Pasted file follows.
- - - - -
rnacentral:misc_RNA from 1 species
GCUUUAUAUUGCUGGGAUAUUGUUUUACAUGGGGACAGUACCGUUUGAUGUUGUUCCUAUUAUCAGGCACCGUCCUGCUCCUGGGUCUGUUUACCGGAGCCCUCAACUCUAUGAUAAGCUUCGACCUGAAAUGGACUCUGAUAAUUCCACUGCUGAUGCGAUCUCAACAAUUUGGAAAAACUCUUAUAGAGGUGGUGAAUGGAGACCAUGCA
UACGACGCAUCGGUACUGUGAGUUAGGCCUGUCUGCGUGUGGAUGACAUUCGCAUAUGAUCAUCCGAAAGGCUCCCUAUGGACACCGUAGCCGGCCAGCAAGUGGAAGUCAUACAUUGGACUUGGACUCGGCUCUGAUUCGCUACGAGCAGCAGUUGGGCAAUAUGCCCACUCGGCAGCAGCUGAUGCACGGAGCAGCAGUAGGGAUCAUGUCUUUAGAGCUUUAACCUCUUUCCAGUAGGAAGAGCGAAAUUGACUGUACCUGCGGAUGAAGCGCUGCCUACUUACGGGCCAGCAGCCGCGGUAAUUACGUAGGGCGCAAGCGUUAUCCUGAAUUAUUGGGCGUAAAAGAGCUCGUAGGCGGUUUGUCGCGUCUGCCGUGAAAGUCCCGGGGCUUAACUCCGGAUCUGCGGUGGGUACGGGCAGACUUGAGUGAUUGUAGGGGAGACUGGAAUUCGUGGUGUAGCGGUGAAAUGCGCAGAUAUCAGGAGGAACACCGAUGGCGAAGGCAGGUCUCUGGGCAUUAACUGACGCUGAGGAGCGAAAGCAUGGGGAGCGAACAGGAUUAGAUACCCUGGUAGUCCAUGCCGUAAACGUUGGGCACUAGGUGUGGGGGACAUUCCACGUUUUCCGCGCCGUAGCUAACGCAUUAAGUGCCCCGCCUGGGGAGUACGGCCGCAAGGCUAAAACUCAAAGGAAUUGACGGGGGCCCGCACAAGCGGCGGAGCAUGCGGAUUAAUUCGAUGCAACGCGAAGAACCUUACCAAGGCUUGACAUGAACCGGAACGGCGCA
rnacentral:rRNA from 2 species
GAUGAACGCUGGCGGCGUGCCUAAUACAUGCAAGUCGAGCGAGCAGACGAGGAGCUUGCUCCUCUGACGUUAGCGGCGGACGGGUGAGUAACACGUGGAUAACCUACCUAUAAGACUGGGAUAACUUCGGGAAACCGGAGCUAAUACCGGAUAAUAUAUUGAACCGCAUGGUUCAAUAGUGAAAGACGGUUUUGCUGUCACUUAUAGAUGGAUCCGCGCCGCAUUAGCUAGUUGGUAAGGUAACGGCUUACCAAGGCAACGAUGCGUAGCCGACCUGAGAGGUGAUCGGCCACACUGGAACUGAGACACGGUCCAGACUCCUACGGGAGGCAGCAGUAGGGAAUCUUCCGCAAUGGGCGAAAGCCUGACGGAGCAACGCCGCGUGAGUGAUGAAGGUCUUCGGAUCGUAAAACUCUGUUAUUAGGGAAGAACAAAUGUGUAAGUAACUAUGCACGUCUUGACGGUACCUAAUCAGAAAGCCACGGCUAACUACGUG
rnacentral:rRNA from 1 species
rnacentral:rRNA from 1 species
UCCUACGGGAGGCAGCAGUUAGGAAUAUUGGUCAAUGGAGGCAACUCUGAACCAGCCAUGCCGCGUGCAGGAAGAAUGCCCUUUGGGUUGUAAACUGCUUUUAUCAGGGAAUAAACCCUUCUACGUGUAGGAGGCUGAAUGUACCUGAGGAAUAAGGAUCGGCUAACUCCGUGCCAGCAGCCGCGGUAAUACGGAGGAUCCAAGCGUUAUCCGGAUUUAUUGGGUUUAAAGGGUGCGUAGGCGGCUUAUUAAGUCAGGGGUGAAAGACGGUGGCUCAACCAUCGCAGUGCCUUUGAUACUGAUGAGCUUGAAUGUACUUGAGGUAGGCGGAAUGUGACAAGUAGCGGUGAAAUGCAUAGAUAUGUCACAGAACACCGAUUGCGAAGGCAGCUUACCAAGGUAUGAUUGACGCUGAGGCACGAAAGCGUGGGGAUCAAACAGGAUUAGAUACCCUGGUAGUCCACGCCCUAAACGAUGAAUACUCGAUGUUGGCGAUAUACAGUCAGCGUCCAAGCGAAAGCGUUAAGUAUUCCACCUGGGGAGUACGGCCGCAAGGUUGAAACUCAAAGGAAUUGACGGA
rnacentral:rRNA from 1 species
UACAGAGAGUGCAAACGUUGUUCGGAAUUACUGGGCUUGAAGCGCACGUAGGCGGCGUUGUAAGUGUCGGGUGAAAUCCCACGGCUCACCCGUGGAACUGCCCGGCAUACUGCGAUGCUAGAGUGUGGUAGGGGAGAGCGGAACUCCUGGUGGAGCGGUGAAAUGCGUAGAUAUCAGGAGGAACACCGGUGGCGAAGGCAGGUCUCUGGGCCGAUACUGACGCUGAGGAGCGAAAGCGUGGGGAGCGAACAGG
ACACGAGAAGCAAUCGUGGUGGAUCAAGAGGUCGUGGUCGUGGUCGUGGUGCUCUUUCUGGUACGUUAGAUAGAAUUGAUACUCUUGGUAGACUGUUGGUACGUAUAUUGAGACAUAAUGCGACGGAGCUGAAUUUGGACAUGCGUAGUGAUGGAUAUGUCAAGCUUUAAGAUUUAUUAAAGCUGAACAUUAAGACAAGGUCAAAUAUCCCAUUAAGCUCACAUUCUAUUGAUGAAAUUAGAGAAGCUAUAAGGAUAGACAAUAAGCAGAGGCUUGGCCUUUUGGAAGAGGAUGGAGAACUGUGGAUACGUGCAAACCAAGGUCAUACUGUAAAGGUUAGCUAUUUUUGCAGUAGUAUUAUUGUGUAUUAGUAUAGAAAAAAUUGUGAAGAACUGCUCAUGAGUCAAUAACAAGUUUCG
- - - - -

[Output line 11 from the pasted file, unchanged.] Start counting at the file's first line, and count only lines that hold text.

ACACGAGAAGCAAUCGUGGUGGAUCAAGAGGUCGUGGUCGUGGUCGUGGUGCUCUUUCUGGUACGUUAGAUAGAAUUGAUACUCUUGGUAGACUGUUGGUACGUAUAUUGAGACAUAAUGCGACGGAGCUGAAUUUGGACAUGCGUAGUGAUGGAUAUGUCAAGCUUUAAGAUUUAUUAAAGCUGAACAUUAAGACAAGGUCAAAUAUCCCAUUAAGCUCACAUUCUAUUGAUGAAAUUAGAGAAGCUAUAAGGAUAGACAAUAAGCAGAGGCUUGGCCUUUUGGAAGAGGAUGGAGAACUGUGGAUACGUGCAAACCAAGGUCAUACUGUAAAGGUUAGCUAUUUUUGCAGUAGUAUUAUUGUGUAUUAGUAUAGAAAAAAUUGUGAAGAACUGCUCAUGAGUCAAUAACAAGUUUCG